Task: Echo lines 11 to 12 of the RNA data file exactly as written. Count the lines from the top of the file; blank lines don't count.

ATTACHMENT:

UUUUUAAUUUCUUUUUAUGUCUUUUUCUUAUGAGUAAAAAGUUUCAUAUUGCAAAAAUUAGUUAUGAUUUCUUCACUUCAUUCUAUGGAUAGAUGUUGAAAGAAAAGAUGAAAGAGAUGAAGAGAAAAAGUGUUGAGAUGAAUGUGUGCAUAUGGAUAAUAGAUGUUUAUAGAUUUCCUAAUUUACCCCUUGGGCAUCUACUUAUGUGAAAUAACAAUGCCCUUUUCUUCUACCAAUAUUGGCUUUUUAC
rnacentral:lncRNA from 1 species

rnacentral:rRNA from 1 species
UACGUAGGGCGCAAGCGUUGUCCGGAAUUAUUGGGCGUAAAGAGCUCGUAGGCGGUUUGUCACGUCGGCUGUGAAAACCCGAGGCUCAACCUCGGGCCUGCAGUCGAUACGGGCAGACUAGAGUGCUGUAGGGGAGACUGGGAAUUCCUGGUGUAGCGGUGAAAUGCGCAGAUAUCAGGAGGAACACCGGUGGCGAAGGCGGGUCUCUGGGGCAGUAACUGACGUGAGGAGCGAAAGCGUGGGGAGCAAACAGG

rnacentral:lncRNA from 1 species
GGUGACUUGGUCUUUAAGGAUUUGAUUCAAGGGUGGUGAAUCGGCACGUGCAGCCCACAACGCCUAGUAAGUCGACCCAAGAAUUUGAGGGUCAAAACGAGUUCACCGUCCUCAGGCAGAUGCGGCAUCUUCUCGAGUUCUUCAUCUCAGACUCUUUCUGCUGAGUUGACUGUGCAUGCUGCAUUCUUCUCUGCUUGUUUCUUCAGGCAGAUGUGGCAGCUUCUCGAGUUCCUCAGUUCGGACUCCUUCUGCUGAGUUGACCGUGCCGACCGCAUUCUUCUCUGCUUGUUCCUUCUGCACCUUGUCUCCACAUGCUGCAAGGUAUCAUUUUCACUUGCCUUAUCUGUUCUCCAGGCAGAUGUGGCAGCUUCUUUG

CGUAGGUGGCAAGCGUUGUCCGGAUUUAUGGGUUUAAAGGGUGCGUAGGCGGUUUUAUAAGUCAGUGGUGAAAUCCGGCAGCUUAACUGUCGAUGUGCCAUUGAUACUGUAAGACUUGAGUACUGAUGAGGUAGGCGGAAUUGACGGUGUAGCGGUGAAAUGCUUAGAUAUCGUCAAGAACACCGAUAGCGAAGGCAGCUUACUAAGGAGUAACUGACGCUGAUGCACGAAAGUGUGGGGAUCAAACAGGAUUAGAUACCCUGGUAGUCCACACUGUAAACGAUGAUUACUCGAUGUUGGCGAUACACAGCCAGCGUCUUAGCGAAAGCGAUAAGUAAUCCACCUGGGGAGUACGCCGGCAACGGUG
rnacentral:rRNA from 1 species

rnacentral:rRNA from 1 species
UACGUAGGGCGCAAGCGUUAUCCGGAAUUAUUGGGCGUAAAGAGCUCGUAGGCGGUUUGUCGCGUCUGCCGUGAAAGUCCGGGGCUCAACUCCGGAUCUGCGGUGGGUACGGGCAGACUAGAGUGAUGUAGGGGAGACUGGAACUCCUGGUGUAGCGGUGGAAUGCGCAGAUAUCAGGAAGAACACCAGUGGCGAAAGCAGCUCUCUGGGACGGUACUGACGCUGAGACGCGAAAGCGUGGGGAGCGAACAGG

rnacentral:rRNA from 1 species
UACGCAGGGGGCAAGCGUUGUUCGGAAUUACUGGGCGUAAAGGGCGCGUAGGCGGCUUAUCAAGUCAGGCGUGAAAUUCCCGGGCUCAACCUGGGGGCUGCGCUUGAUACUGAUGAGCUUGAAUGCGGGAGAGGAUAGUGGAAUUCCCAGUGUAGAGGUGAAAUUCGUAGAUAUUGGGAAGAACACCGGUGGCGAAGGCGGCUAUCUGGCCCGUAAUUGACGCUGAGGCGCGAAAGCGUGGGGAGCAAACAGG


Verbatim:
rnacentral:rRNA from 1 species
UACGCAGGGGGCAAGCGUUGUUCGGAAUUACUGGGCGUAAAGGGCGCGUAGGCGGCUUAUCAAGUCAGGCGUGAAAUUCCCGGGCUCAACCUGGGGGCUGCGCUUGAUACUGAUGAGCUUGAAUGCGGGAGAGGAUAGUGGAAUUCCCAGUGUAGAGGUGAAAUUCGUAGAUAUUGGGAAGAACACCGGUGGCGAAGGCGGCUAUCUGGCCCGUAAUUGACGCUGAGGCGCGAAAGCGUGGGGAGCAAACAGG